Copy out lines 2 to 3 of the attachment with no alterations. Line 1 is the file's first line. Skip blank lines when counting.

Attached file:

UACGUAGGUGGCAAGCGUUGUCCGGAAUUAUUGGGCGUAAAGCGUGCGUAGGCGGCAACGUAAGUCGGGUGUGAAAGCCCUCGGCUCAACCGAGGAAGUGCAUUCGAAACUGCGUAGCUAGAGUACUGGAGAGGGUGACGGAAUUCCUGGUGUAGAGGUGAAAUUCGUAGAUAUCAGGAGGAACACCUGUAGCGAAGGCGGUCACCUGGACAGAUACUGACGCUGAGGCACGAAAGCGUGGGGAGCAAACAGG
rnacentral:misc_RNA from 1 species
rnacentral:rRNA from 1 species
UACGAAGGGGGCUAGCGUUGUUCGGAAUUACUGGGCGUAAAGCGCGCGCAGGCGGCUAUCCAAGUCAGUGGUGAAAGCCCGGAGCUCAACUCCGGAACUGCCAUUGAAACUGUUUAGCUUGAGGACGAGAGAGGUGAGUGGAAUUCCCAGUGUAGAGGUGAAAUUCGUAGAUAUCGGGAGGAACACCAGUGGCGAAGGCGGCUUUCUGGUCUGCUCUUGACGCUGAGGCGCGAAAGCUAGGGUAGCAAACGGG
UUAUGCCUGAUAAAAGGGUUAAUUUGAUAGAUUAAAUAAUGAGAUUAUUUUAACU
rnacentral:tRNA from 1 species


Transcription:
rnacentral:misc_RNA from 1 species
rnacentral:rRNA from 1 species